Market participants pushed prices of electricity and emission certificates lower at the main exchanges in Europe while widespread shutdowns caused a decline in carbon and other greenhouse gases released by the industry because of restrictions aimed at slowing the spread of the coronavirus.
Statistical data show a global recession is close as the pandemic crippled transportation, services and healthcare, just to start with. The economic freeze particularly hit market prices of electricity and carbon dioxide – namely, shutdowns in the industry over the risk of the acceleration in the spread of the coronavirus derailed power demand.
Emissions allowances lost two fifths of their value since the start of the year and most of the plunge occurred in the past few weeks. Prices of the most popular contracts have halved since July, when they finally reached what is thought to be a serious cost for companies.
Electricity prices go below zero
The day-ahead power price in Germany went negative on March 22, briefly touching minus EUR 55 per MWh. On that day, the electricity and carbon markets were disrupted by strong volumes in wind parks and solar power plants due to favorable weather conditions, on top of the obvious coronavirus impact.
Europe’s largest economy is particularly vulnerable as the share of industrial electricity consumption has been at a record 44%. It means the fall in activity, like the current suspensions in the car industry, leaves power producers with excess capacity and generation or downside pressure.
Germany also exports vast amounts of power. Year-ahead prices dropped by a quarter year to date, while France saw a decline of 19% and Italian market participants pushed them 21% down.
Coal sector cheers
A decline in expenses on carbon certificates suits coal miners and power plants using the harmful fossil fuel. The shift threatens to make projects utilizing renewable sources less competitive, which should also spill over to private and public funding for research and innovation in the segment. Hydrogen has been widely touted as the next wave in clean energy.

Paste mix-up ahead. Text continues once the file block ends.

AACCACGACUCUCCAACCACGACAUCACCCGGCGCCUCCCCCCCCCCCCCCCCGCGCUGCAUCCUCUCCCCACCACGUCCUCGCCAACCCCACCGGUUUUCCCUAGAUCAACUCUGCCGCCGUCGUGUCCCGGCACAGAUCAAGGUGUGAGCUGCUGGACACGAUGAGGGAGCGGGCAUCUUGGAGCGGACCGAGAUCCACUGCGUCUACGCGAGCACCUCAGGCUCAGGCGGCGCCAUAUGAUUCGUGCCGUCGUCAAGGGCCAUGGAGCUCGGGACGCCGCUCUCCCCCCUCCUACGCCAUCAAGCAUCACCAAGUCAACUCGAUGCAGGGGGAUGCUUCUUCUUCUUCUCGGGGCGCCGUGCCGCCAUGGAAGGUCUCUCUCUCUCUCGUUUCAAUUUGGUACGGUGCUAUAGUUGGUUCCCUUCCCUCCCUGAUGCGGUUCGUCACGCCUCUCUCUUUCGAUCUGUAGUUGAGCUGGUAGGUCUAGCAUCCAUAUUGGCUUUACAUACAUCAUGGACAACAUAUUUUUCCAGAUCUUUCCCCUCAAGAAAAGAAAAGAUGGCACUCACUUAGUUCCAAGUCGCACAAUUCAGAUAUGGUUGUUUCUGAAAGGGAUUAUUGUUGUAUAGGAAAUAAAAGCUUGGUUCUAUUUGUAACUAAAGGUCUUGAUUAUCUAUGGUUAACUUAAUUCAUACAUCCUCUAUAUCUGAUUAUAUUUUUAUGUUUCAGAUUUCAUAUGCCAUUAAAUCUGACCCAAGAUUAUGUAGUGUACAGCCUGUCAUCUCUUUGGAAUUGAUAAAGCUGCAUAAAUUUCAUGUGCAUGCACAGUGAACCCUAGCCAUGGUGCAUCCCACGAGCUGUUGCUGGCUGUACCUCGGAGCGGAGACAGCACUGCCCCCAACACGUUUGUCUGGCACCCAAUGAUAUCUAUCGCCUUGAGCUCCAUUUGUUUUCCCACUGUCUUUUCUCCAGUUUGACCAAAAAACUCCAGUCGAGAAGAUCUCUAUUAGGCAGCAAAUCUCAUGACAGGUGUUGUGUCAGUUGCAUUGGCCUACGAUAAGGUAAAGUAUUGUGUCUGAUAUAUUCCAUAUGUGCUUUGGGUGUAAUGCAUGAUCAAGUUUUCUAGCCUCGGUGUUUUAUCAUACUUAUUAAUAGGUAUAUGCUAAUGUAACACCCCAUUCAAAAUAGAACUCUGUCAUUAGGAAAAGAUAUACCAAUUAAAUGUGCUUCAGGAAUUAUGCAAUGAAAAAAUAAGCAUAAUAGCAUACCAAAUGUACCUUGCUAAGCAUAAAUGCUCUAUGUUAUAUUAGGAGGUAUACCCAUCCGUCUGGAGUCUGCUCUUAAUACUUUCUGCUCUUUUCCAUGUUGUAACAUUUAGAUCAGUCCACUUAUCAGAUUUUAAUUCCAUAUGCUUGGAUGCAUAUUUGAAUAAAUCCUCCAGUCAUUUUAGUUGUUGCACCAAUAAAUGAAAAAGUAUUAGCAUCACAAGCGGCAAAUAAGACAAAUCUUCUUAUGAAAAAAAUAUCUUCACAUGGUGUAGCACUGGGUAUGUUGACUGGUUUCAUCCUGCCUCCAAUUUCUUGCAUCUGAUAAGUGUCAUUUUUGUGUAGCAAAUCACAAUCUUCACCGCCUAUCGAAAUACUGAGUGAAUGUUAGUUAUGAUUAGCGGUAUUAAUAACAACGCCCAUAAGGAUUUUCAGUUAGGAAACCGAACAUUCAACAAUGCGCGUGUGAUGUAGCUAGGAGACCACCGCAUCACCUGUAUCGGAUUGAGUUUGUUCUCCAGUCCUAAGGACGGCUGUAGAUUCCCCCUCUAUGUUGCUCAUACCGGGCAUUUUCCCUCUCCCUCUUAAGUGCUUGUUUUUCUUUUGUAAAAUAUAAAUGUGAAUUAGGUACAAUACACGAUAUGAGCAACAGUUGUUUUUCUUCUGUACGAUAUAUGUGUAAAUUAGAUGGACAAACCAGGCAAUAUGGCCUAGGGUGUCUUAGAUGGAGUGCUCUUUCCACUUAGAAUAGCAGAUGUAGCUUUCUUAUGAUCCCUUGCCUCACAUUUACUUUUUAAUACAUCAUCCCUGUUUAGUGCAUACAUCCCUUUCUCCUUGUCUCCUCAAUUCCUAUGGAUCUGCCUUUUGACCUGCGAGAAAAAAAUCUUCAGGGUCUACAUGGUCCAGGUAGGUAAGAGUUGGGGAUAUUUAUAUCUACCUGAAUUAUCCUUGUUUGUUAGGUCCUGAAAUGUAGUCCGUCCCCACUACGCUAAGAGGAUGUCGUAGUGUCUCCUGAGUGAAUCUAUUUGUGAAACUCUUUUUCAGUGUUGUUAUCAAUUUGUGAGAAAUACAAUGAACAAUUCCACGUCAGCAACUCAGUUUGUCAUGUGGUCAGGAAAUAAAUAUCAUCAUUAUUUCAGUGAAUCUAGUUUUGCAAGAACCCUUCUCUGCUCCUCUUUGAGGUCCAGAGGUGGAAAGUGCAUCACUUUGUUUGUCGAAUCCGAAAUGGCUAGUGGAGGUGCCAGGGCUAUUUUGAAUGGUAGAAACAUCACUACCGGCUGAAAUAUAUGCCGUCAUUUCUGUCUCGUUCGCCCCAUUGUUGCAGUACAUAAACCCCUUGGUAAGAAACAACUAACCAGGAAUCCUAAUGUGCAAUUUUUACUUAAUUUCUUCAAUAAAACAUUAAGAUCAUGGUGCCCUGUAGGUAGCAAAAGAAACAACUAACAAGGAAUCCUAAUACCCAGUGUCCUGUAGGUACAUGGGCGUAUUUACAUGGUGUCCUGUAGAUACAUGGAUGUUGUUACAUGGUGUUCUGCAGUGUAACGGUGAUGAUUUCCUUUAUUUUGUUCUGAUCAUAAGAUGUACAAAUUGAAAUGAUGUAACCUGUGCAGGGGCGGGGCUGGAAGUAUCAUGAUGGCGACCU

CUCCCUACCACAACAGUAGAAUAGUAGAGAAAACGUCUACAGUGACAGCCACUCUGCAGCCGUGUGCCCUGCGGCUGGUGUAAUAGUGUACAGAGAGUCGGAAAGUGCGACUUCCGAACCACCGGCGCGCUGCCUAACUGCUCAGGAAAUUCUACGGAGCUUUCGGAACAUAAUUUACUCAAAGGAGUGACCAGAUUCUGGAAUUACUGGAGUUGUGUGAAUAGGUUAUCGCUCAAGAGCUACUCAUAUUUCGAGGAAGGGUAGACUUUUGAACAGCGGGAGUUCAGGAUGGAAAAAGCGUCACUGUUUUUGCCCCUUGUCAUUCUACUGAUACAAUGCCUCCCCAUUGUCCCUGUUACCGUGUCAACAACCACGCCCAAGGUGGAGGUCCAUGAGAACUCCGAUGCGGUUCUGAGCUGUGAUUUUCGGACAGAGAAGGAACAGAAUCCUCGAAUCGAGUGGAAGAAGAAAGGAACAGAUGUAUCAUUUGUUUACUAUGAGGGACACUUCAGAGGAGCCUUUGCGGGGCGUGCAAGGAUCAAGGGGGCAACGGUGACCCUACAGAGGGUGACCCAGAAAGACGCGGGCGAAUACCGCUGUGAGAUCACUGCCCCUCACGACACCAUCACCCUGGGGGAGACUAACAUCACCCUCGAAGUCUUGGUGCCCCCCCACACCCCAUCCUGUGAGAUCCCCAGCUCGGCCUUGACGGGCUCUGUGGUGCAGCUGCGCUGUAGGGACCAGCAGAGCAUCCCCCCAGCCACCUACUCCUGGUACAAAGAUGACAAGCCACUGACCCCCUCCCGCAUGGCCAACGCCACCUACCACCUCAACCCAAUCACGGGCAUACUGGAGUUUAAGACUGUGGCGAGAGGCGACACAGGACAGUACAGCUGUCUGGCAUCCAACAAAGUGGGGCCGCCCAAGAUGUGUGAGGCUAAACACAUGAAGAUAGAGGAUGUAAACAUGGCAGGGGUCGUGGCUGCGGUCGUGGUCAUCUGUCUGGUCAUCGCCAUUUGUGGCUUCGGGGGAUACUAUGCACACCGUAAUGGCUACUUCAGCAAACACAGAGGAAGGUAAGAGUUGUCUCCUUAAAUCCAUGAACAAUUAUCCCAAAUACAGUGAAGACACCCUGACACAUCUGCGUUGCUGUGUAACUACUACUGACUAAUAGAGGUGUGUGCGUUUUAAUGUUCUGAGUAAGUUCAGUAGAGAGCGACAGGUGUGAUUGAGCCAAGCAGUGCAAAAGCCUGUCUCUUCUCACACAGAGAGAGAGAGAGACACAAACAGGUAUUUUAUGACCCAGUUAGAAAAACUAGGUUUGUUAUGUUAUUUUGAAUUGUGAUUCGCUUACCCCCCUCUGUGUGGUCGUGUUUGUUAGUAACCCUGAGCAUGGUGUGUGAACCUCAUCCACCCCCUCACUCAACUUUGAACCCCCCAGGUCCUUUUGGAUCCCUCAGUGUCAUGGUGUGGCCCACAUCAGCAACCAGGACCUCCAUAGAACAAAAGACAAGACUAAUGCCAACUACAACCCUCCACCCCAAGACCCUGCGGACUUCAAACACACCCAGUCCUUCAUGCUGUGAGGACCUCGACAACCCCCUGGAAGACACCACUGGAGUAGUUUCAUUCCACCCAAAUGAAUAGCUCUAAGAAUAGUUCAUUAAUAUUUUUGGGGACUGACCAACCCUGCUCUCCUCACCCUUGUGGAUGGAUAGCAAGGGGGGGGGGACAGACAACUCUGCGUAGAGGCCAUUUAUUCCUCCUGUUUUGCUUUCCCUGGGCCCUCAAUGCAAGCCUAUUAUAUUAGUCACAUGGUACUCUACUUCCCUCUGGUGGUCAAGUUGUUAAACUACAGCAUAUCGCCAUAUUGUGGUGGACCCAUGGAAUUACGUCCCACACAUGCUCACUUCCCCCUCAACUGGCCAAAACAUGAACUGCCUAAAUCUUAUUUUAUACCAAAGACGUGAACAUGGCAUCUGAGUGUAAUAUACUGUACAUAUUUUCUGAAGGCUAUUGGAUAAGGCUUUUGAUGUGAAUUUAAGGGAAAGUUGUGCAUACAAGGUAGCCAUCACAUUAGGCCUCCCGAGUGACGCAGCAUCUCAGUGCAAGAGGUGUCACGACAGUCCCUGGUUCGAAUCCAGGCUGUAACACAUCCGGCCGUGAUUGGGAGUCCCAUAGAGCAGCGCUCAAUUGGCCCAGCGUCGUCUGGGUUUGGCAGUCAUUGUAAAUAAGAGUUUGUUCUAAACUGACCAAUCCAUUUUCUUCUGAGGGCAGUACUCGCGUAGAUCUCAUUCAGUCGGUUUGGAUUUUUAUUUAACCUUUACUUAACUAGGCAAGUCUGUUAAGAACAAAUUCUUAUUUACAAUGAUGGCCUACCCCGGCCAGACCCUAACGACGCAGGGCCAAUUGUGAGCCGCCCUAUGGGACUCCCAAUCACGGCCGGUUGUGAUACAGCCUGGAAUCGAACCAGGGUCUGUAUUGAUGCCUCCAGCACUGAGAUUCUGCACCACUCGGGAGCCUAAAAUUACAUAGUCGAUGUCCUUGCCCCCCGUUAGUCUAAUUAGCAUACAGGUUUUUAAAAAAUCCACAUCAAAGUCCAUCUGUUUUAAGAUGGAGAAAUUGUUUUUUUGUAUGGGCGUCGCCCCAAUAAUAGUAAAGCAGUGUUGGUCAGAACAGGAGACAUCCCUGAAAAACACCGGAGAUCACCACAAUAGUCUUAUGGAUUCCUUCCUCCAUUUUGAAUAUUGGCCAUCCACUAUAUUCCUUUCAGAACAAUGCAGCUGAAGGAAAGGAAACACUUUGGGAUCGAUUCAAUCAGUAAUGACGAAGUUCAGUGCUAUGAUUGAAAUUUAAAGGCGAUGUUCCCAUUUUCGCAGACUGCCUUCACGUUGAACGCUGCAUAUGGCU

Banks and other parts of the corporate sector have been doing mostly well in the past years in stress tests and estimates on possible shocks. And yet, none of them may have calculated the impact of the sudden blow and shutdowns across the industry they are currently experiencing.
Furthermore, they must weather a drop in household spending and purchase plans as well as the fact that a substantial share of consumers may not be able to pay utility bills. Lower energy prices translate to weaker revenues and cancellations of investment projects.
Utilities in anticipation of state support
For instance, Greece’s state-owned power producer PPC, also known as DEI, had just stabilized its balances after the financial crisis, and yet it is still trying to collect EUR 2.5 billion in debt from customers. A lot of firms among them will go under after this.
On the flipside, carbon credits have rebounded this week, together with stock markets. They earlier dipped under EUR 14.5 per ton to their lowest point in almost two years. Investors apparently gained some confidence due to massive stimulus announced by the United States, the European Union, other countries and central banks. And PPC still depends on coal, regardless of an ambitious transformation strategy.
Of course, the slowdown in economic activity lowered pollution on an unprecedented scale as manufacturers and transportation emit much less greenhouse gases.